David Makupson of Trinity reacts to winning the Class 2-A state title at 138 pounds during the past season in a match vs. Will Nix of Bandys. (PJ Ward-Brown/Randolph Record)
Trinity’s state champion built powerful prep career
TRINITY — In order for Trinity’s David Makupson to become a high school state champion in wrestling, he took a path of nonstop pursuit of that goal.
He thought he worked hard to attain that. Now, he’s aiming even higher.
“I just know I have to work that much harder if I want to be on the D-I level,” Makupson said. “I got a good feel on how that next level is going to be.”
Makupson is heading to Queens University of Charlotte after a stellar high school career that was capped with a 138-pound title in Class 2-A.
“He kind of set the standard for what we’re looking for,” Trinity coach Brandon Coggins said. “He’s leaving his mark.”
A 178-21 career record left him short of the school-record 200 wins set by 2017 graduate Tyler Johnson. Makupson likely would have eclipsed the mark had the 2020-21 season not been shortened because of the reconfigured North Carolina High School Athletic Association’s sports calendar during the pandemic.
Makupson, who turned 18 years old in June, did this while lettering in five sports at Trinity. He said he knew wrestling was the sport that allowed him to flourish the most.
But he received all-conference recognition as a football player, playing as a running back, slot receiver, and outside linebacker. At 5-foot-6, he took a fearless approach to the football field.
“Really not being scared to hit somebody,” he said, noting that his quickness also was an asset.
When the pandemic caused an adjusted sports schedule during his junior year, he added cross country and swimming (though the track and field season conflicted with wrestling). His spot on the swimming team in the 50-yard freestyle might have caught some people off guard.
“My dad (David Makupson Jr.) kind of forced me to do it,” he said.
The workload and variety of sports might have made an impression on others, but it didn’t faze Makupson.
“I don’t really see it,” he said. “I just went out there and did it.”
This spring, he became the Piedmont Athletic Conference champion in the 800 meters and took part in Trinity’s league-winning 3,200 relay.
The running success came a couple of months after securing that coveted wrestling title. He had the confidence to go with it.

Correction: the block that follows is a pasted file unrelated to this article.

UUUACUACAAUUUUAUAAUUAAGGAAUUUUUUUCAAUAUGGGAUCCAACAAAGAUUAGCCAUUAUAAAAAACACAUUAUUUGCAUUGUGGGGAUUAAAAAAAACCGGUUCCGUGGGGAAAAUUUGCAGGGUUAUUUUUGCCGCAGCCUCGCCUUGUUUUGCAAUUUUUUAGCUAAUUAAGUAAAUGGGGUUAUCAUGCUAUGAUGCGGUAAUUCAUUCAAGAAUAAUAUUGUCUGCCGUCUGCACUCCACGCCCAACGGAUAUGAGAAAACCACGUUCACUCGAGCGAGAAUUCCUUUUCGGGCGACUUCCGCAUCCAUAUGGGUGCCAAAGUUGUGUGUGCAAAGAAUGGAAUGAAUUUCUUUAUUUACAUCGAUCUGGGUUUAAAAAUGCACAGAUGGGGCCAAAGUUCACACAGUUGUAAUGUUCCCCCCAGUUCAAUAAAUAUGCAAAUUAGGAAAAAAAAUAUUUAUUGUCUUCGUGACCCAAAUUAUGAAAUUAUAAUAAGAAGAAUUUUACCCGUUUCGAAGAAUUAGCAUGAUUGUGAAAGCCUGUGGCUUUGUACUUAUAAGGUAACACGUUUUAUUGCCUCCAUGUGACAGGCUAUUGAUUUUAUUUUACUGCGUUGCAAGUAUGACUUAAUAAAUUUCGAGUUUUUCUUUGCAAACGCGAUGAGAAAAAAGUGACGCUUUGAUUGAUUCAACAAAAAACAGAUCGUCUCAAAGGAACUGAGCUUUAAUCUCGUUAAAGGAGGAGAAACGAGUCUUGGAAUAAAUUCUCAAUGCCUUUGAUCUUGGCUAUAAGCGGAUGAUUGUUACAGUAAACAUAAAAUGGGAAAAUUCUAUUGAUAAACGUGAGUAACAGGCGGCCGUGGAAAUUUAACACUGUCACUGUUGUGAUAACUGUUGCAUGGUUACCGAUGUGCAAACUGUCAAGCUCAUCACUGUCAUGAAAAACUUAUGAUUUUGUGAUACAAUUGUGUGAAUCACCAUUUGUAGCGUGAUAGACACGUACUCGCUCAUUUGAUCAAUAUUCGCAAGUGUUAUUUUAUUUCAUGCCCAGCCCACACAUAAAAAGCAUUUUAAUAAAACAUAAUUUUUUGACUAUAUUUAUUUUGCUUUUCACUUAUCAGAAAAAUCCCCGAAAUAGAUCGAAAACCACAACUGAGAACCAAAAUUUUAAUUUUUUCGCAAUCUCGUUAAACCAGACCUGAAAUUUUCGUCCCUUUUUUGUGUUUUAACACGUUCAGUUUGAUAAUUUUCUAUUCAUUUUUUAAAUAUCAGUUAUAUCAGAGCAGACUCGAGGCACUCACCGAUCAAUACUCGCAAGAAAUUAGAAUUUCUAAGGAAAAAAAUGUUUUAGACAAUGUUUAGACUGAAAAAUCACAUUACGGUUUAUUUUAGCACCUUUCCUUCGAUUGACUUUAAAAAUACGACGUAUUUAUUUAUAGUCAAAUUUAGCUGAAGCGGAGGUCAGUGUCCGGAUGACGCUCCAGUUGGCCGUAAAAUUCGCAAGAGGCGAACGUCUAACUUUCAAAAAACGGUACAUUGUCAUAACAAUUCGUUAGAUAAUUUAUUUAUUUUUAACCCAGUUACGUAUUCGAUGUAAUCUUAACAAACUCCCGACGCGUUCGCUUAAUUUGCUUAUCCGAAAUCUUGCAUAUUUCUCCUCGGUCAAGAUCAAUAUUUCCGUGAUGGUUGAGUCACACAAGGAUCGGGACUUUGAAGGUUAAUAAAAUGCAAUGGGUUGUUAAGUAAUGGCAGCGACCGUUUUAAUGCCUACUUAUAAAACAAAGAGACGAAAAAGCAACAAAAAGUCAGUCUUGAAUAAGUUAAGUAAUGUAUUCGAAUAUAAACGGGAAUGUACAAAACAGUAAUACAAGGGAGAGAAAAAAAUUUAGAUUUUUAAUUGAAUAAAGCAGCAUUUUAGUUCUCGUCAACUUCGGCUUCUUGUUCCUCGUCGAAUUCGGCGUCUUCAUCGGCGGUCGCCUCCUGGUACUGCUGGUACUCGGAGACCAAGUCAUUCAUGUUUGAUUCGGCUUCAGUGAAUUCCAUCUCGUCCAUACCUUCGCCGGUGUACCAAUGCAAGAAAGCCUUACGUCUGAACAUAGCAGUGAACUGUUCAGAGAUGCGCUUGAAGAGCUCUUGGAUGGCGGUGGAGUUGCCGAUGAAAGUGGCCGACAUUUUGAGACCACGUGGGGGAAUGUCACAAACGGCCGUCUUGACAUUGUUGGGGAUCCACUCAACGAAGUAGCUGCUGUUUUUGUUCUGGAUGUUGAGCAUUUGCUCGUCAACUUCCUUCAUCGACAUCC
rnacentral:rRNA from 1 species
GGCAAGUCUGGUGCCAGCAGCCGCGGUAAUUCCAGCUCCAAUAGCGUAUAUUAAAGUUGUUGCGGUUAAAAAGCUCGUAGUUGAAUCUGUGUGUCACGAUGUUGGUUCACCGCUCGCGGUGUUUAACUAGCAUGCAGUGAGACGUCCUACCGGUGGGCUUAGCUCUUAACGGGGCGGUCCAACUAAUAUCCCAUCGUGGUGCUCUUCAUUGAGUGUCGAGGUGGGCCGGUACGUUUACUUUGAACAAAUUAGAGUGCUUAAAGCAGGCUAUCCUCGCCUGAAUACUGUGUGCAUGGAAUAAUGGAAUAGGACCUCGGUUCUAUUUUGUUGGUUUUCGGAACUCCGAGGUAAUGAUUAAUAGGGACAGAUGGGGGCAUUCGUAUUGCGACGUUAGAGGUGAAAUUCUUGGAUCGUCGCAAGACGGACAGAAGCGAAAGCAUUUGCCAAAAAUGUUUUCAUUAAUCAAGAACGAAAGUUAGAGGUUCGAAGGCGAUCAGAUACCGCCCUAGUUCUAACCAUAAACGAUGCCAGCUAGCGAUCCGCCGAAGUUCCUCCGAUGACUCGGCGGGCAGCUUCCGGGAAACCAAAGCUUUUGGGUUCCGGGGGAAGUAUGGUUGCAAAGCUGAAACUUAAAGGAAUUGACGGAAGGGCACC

“Go out there and dominate because nobody can keep up with me,” he said. “I had one mission, to go out there and win it all, and that’s what I did. I’ve been preparing since I first got started since I was 5. It was my dream to win one. Just so happened I got it my senior year. It had been a long time coming.”
Makupson dominated Will Nix of Bandys with a 10-0 decision in the final after two other major decisions sandwiched around a second-period pin to reach the title bout in February at the Greensboro Coliseum.
All along, the key for Makupson was “being physical in neutral positions and being heavy on the hips” when on top,” he said.
“It really comes down to mental toughness and conditioning,” Makupson said. “I think what won me most of the matches was just wearing guys down.”
His only loss as a senior came in a season-opening tournament by a 7-4 decision to Rolesville’s Frank Bianco in the finals of the Wolverine Challenge.
“It was really a down-to-earth moment,” Makupson said of the defeat. “To this day, I still think about that one loss.”
By February, Makupson held a 54-1 record.
“Just getting my mind right and going through all the preparation,” he said. “There was going to be pressure being ranked No. 1 (in the weight division) before the season started.”
He placed fourth in the two previous state tournaments. That included defeating Nix in the opening round of the 2021 version.
“I needed to work harder,” he said. “I wasn’t trying to get fourth again.”
Coggins said he’s glad that Makupson is going to have the chance to compete at the Division I level. Queens made the move to Division I this summer.
Makupson chose Queens ahead of Division II Belmont Abbey.
The wrestler said he’ll likely redshirt during the 2022-23 season. Then Makupson said he’ll attempt to take a spot in the Queens lineup at 133 pounds.
“He fills out pretty good,” Coggins said.
There figures to be no challenge too large for him.
“The main thing I’m really focused on is getting adjusted to the college level,” Makupson said.